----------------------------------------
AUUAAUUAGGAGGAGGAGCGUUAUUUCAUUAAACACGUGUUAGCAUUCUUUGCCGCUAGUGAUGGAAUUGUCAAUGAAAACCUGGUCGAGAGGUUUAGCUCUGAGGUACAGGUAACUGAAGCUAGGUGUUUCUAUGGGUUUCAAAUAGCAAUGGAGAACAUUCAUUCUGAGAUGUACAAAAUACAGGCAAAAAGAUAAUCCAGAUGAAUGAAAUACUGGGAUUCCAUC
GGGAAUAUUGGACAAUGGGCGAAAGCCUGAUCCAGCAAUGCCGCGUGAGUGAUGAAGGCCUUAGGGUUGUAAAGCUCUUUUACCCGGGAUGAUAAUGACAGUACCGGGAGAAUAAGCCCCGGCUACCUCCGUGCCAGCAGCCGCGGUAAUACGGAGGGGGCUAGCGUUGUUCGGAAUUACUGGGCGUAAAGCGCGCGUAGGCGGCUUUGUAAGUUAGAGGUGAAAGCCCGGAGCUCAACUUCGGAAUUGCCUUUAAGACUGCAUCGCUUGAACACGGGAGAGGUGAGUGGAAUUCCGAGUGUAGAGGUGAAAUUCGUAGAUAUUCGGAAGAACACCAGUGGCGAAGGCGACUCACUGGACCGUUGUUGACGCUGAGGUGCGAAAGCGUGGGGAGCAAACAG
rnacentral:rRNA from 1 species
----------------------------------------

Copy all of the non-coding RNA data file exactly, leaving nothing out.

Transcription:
AUUAAUUAGGAGGAGGAGCGUUAUUUCAUUAAACACGUGUUAGCAUUCUUUGCCGCUAGUGAUGGAAUUGUCAAUGAAAACCUGGUCGAGAGGUUUAGCUCUGAGGUACAGGUAACUGAAGCUAGGUGUUUCUAUGGGUUUCAAAUAGCAAUGGAGAACAUUCAUUCUGAGAUGUACAAAAUACAGGCAAAAAGAUAAUCCAGAUGAAUGAAAUACUGGGAUUCCAUC
GGGAAUAUUGGACAAUGGGCGAAAGCCUGAUCCAGCAAUGCCGCGUGAGUGAUGAAGGCCUUAGGGUUGUAAAGCUCUUUUACCCGGGAUGAUAAUGACAGUACCGGGAGAAUAAGCCCCGGCUACCUCCGUGCCAGCAGCCGCGGUAAUACGGAGGGGGCUAGCGUUGUUCGGAAUUACUGGGCGUAAAGCGCGCGUAGGCGGCUUUGUAAGUUAGAGGUGAAAGCCCGGAGCUCAACUUCGGAAUUGCCUUUAAGACUGCAUCGCUUGAACACGGGAGAGGUGAGUGGAAUUCCGAGUGUAGAGGUGAAAUUCGUAGAUAUUCGGAAGAACACCAGUGGCGAAGGCGACUCACUGGACCGUUGUUGACGCUGAGGUGCGAAAGCGUGGGGAGCAAACAG
rnacentral:rRNA from 1 species